Low-waste laundry: Dropps redesigns packaging to reflect eco-convenience commitment
09 Dec 2020 --- Amid COVID-19 pandemic health concerns and global climate change, both cleaning and sustainability are top of mind for many households.
Minimalist laundry detergent brand Dropps is responding to these trends by updating its brand identity to communicate its commitment to environmental protection more clearly.
Key details of Dropps’ brand refresh include a slimmer, reimagined brand logo, as well as a reduced packaging size and the elimination of adhesive labels to eliminate waste.
“We hope that our new look and brand messaging can motivate other leading brands to offer alternatives to single-use plastic for consumers,” founder and CEO Jonathan Propper tells PackagingInsights.
Demand for low-waste packaging alternatives such as Dropps is propelled by rising ambitions among consumer packaged goods brands to rethink supply chains with the planet in mind.
“The problem won’t be solved by complex business models that are inconvenient for consumers. Instead, we need to focus on a ground-up approach to redesign the way consumer products are designed, manufactured and disposed of,” says Propper.
Colors reflecting core values on-pack
Packaging design plays a central role in brand outreach, attracting consumers and encouraging repeat purchases.
Dropps’ logo and wordmark is restructured and rebalanced, while letterforms have been slimmed and redrawn to refine the existing equity, making it “cleaner, simpler and more mature.”
The branding’s Silka font is complemented by primary colors of green, blue and muted yellows to exude the hues of nature and cleanliness.
“The changes are minimal, but as we continue to experience record-breaking growth, we have intentions on growing our product assortment across the home and personal care categories. Our new branding sets us up for future success as we expand,” Propper explains.
Eliminating labels and excess material
When Dropps laundry detergent pods were first developed 15 years ago, it was important to Propper to eliminate unnecessary additives found in other laundry pod products.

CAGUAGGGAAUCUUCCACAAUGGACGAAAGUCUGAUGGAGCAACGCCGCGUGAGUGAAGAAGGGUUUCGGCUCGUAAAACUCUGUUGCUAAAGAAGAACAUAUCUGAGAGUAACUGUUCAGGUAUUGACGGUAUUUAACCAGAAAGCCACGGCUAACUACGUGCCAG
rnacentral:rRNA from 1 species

Among these additives, he lists bright dyes (“because colors don’t clean”), chambers in the pod, fillers and excess water. “This concept of eliminating the unnecessary resulted in major cost and emissions savings for both our company and for our consumers,” Propper adds.
Progressing that vision, Dropps’ rebranding is discontinuing adhesive labels. All product details and full ingredients transparency are now printed directly on the product package.
The packaging box itself has been redesigned for a more modular system: single, couple and family packaging sizes all now have the same footprint to optimize cubic utilization – an important aspect of space – and resource-efficient logistics and warehousing.
The packaging redesign reflects a “modern aesthetic” better aligned with current consumer packaged good trends, the company notes. Moreover, all Dropps product packaging continues to act as the shipping container, “so no shipping a box in a box.”
The box is further made from Forest Stewardship Council (FSC)-certified, corrugated cardboard and is recyclable and compostable.
Remaking cleaning for good
Anchored by an “eliminate the stupid, elevate the core” mantra – get rid of the unnecessary, and make life simple for both people and planet – the Dropps redesign ultimately aims to “remake cleaning for good.”
Its goal is to eliminate all unnecessary household cleaning components falling into the “stupid” category. “Shipping jugs of detergent is an example of a stupid,” Propper explains. These kinds of eliminations have resulted in major cost and emissions savings for the company.
“Safe ingredients that clean effectively, convenient home delivery that helps minimize environmental impact, and creating innovative, low-waste product packaging for the industry are just a few of our ‘cores’ that we like to elevate,” Propper maintains.
Refreshed look warrants industry discussion
The company further aims to use its rebranding as an opportunity to raise awareness of domestic-based supply chains and local distribution strategies.
“This not only acts as a foundation for unforeseen circumstances that can cause delays or [impact the] availability of essential products like the industry saw at the start of the pandemic, but also empowers and uplifts local communities and the manufacturing sector at large.”
Ultimately, Dropps’s new brand identity aims to bring joy to household cleaning and home care, which is not typically considered a fun, leisurely activity.
“Cleaning often gets a stigma of being a dreaded chore, but we hope to change the conversation, making it easy to get effective results that can also benefit the planet,” concludes Propper.
“Small changes can add up to a big impact and it’s our goal to make it as easy as possible to implement those improvements in one’s day-to-day life.”
By Anni Schleicher
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